“Representing a gap, a hiccup, or even a failure in the history of Indian cinema, the horror wave of the late 1970s to the 1990s was one of the victims of the Bombay film industry’s transformation into Bollywood and its shift toward the commercially successful, genre-blending masala films,” writes Bruno Guaraná in the introduction to his interview with Kartik Nair in the new Film Quarterly. In Seeing Things: Spectral Materialities of Bombay Horror, Nair “resurrects these films—long disregarded by scholars of Indian cinema—as key artifacts of the production, regulation, and circulation of independent cinema in Bombay during the pre-Bollywood era.”

Critical Collections

In the New York Review of Books, James Quandt makes the case for Once Upon a Time in Anatolia (2011) as Nuri Bilge Ceylan’s best film, while About Dry Grasses (2023) is “in many ways a compendium of Ceylan’s cinema,” repeating “themes, settings, and images from as far back as his first feature, The Small Town [1997].” ReFocus: The Films of Nuri Bilge Ceylan, a collection edited by Gönül Dönmez-Colin, is “most valuable in bringing a Turkish perspective to criticism of his work. Only two of its contributors are not originally from Turkey, and the volume offers essential commentary on aspects of local culture and politics and on the resonance of certain words, names, characters, music, and locales to which a non-Turkish critic would probably be oblivious . . . Unfortunately the thickets of jargon and bizarre neologism in Dönmez-Colin’s anthology, its slavish invocations of Gilles Deleuze, and its use of films to illustrate theory are dispiritingly common in contemporary cinema studies.”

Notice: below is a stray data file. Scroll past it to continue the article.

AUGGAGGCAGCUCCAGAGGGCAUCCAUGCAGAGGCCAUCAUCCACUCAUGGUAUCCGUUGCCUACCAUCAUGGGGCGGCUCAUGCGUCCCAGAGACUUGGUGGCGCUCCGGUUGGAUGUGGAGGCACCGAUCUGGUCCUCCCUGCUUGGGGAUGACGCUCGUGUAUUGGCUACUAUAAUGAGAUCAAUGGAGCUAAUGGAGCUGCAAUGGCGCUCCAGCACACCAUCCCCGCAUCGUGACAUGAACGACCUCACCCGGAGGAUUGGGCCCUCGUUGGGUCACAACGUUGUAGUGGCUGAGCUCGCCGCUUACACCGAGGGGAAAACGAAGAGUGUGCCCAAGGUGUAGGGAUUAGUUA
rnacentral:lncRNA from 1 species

The latest Harper’s features a tight and densely packed excerpt from My Cinema, a collection of texts by and interviews with Marguerite Duras translated by Daniel Shreir. My Cinema is “decidedly not a guidebook to Duras’s films,” writes Beatrice Loayza in the Notebook. “Duras may be best known as a writer, but her cinema is a natural extension of her desire to destroy and ‘assassinate’ inadequate yet dominant structures of experience—those she considered to be passive and pleasurable, forms of ‘advertisement’ rather than the violent, dark truths she sought to unearth.”

The Notebook is also running an excerpt from Devotion, which gathers essays on Garrett Bradley and interviews with the filmmaker—including Huey Copeland’s. “In many ways,” Bradley tells the art historian, “my work is very much directed and dictated by the specific communities I engage—by specific places and specific people. I would also say that yes, my work is about Black life. It is also a series of love stories, I think. My love for the people that I work with and my love and compassion for circumstance. And my hope that in making something, it will induce the same level of compassion and imagination.”

David Thomson has written more than forty books, including the occasionally revised classic, The New Biographical Dictionary of Film. His first book of this year is Remotely: Travels in the Binge of TV, which Peter Campion, writing for the Los Angeles Review of Books, calls “a pandemic book.” During lockdown, Thomson and his wife, photographer Lucy Gray, watched and talked about a lot of television, and “the book becomes a dialogue, with Lucy’s character speaking in italics. This form lends Remotely much of its poetry. But how so? For one thing, Thomson cunningly matches form and content. A direct descendant of radio, which film was not, television has its own origins in those domestic spaces it inhabits and tends to portray.”